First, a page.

Power-pop heroes Redd Kross are back with a great new album and their longest tour in decades

Power-pop heroes Redd Kross are back with a great new album and their longest tour in decades
Emmy Etie photo
Since they were teenagers, the McDonald brothers have produced some irresistible power-pop hooks as Redd Kross.

When he picks up the phone to chat with the Inlander, Redd Kross bassist Steven McDonald is having breakfast: two doughnuts and an iced coffee. It is perhaps no coincidence that he is also looking forward to his band's extensive fall tour with sludge-rock giants the Melvins, which lasts two full months and stops in Spokane Sunday night.

Here it should be noted that McDonald is also the current bassist in the Melvins, which means that at age 52, he'll be pulling double duty every night on the tour.

"That's a challenge, but at the same time it's a welcome challenge. It keeps me young," McDonald says. "I don't really exercise when I'm at home, so [doing things like this] is probably keeping me alive."

Beyond basic health reasons, the tour is a big deal for Redd Kross, who've not been out on the road for this long in "probably 25 years," McDonald says. The reasons for that are mostly boring and practical — past members couldn't get vacation time at their day jobs, for example — but the end result is a band that has come nowhere near overstaying its welcome, even after four decades of existence.

"I'm sure there's an appeal to our scarcity," McDonald says. "I've been theorizing, jokingly, that we're not going through songwriting menopause because of it. If you think of it like the way a woman is born with her lifetime supply of her eggs, maybe songwriters are born with their lifetime supply of songs. So maybe we still have a bunch of good ones in there."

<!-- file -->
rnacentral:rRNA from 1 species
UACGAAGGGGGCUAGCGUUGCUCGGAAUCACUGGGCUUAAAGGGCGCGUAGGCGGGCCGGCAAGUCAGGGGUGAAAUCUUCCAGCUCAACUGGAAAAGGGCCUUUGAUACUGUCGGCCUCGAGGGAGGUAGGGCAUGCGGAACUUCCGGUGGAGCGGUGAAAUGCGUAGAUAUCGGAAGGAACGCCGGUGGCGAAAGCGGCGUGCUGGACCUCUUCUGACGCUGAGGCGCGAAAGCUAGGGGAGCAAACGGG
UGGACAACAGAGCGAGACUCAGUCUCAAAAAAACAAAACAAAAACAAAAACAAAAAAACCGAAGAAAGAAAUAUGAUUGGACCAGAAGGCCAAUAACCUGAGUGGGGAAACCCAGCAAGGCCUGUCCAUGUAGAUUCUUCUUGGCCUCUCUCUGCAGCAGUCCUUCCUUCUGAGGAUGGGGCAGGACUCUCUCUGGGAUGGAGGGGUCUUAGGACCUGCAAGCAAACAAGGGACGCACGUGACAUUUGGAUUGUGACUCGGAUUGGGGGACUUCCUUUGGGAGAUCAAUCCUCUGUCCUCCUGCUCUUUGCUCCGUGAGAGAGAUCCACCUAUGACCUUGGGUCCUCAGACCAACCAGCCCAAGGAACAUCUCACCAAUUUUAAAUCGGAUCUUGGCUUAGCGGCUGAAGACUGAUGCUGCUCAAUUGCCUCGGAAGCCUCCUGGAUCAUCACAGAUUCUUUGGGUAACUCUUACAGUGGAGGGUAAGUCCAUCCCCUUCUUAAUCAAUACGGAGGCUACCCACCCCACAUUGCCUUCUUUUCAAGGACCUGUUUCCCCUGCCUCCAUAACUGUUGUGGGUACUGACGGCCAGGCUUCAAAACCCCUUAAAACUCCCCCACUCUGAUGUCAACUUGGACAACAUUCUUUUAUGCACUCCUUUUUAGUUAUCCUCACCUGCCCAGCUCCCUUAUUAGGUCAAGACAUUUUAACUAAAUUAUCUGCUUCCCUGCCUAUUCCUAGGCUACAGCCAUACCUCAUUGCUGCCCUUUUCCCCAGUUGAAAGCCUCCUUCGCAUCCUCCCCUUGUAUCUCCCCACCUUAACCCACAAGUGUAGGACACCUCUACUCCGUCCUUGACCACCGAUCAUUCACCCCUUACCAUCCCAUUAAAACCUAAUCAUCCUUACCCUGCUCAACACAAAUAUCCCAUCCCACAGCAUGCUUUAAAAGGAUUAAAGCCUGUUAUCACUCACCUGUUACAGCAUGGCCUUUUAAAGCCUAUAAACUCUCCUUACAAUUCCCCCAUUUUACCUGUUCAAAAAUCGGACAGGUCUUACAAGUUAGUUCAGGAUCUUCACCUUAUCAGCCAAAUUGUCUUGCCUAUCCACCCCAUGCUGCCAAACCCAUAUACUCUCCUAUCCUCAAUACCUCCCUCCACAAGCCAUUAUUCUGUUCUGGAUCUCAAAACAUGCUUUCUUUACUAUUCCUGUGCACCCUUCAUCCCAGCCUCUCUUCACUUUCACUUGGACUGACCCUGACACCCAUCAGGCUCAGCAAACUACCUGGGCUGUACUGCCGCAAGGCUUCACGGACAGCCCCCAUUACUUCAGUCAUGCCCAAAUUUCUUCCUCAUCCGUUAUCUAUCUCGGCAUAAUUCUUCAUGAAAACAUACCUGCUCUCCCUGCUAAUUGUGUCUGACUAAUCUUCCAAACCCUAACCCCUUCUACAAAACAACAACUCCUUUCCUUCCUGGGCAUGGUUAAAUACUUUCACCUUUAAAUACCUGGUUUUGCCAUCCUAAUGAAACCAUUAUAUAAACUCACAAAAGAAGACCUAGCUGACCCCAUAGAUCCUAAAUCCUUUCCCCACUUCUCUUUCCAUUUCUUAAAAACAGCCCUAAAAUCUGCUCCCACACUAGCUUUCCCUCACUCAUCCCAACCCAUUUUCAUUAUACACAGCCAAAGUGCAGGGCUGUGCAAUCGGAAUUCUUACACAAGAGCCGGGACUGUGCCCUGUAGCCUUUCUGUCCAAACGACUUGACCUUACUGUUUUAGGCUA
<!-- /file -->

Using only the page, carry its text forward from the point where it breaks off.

Redd Kross' recent output supports that theory. After making a name for itself in the early '80s SoCal punk scene by unabashedly embracing classic-rock and power-pop hooks, the band released five fine albums between 1982 and 1997 before taking a nearly decade-long hiatus. They returned in 2012 with Researching the Blues, an incredible rock 'n' roll record that proved McDonald and his brother Jeff — who founded the band as pre-teens — could still crank out catchy tunes as effortlessly as anyone.

Their new album Beyond the Door capably continues Redd Kross' renaissance. Opening track "The Party" combines hard rock riffs and soaring vocal harmonies into something that belongs on the soundtrack of a lighthearted action movie. "Fighting" juxtaposes punky verses and a simple pop chorus, while "There's No One Like You" simmers atop an elastic bass line before blooming into a singalong anthem fit for a Foo Fighters album. "Fantástico Roberto" churns and buzzes like a lost hit from alt-rock's heyday. And the bouncy "Punk II" is a good reminder that the band's first gig was opening for Black Flag — and that Redd Kross was always far too cheeky to fit into the scene from whence it came.

According to the McDonalds, Beyond the Door is the most collaborative Redd Kross album ever, with Jeff driving the songwriting process, but Steven chipping in more than he has in decades. Some of that was out of necessity, Steven says, but he also pointed to the passage of time as a major factor in the brothers' productive working relationship.

"I think (there's) a new level of maturity," he says. "It just felt like there were very few fights and we just got the job done in a way that felt good and really supportive. Siblings can push each others' buttons like no one else; if you've got an insecurity, that's just going to get amplified. I feel like this time there was a bit more self-awareness, less insecurity, less acting out (and) less bullshit. Not to say that all that stuff's behind us — it can still pop up — but I was proud of us at the end of making the record."

Now, it's time to take that positivity on the road, and while Redd Kross hasn't toured for two months any time in recent memory, they did do a month in Europe in 2017, and Steven McDonald remembers a shift in his own mindset during that run.

"I was just really aware that whole time of, like, 'Wow, these are the good years. These are the good times,'" he says. "It was not nostalgia. It was about being present now. Appreciate this. And I was able to. Time just keeps moving faster and faster and I am so grateful that we're in the position to be able to do this." ♦

The Melvins with Redd Kross and Toshi Kasai • Sun, Sept. 15 at 7:30 pm • $25 advance, $30 day of • All ages • The Big Dipper • 171 S. Washington • bigdipperevents.com • 863-8101

Spokane Guitar Collective @ Lucky You Lounge

Thu., Oct. 6, 7 p.m.
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